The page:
Punishment Extremes

Once more into the vortex of punishment theory.

As I previously wrote, most systems of punishment rely on multiple rationales. But it is an interesting thought experiment to play each out to its logical extreme. What follows is a glimpse into such worlds.

A system of punishment concerned exclusively with incapacitation might be described as a one-strike system. Any offense would result in a long, likely life, period of incarceration. This is so because the only way to incapacitate someone, so that they can never offend again, is to lock them away until death. Obviously, such a system would be incredibly expensive and could result in a significant percentage of citizens behind bars, perhaps even so much so that the society would be comprised almost entirely of inmates and jailers.

A rehabilitation only system would also likely be very expensive to operate, but for different reasons. If we are concerned only with perfect rehabilitation, such that recidivism rates are at or near zero, then our prisons would be structured more like university campuses. They would provide remedial education, post-secondary education, job skills training, extensive mental health services and top quality medical care.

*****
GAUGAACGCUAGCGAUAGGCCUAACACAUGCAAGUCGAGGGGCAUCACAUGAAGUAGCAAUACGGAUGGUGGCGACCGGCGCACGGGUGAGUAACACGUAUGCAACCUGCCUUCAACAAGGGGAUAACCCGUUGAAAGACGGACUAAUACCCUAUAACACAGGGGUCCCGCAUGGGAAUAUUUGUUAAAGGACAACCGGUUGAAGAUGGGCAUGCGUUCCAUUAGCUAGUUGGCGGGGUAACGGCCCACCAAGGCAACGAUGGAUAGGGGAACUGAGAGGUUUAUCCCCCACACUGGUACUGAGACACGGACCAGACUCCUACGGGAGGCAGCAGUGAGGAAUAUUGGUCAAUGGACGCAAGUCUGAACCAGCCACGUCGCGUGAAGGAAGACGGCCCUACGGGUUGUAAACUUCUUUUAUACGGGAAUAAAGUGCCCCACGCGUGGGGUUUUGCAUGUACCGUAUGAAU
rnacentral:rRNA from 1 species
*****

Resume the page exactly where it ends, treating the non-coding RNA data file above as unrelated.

A system of perfect deterrence would likely be comprised of inordinately extreme punishments for even the smallest crimes. As an example, life sentences for jaywalking. Under such threats, people would simply not commit crimes. But there is an obvious psychological detriment to society, in that the threat of such a severe punishment would be tantamount to living under a repressive government.

Restoration is a little bit trickier. One could imagine a system in which a severe enough criminal act, murder, might result in indentured servitude for the rest of a person’s life. Such a system would not need prisons, but instead would rely on accountants and other fiscal officers to collect the debts due to victims and/or society.

Retributive justice’s only logical extreme would be that of literal eye for an eye. Though, in practice, it would present some difficulties. How does one take property away from a criminal who has none? What about a crime like rape or sexual assault? Perhaps we would expose the criminal to that same act.

In thinking of these logical extremes, it becomes clear why punishment systems consist of several different rationales. And it helps to show just what the logical limits of a particular position are. Hopefully it makes us focus on how best to construct our punishment system in a way that maximizes efficiency and morality.

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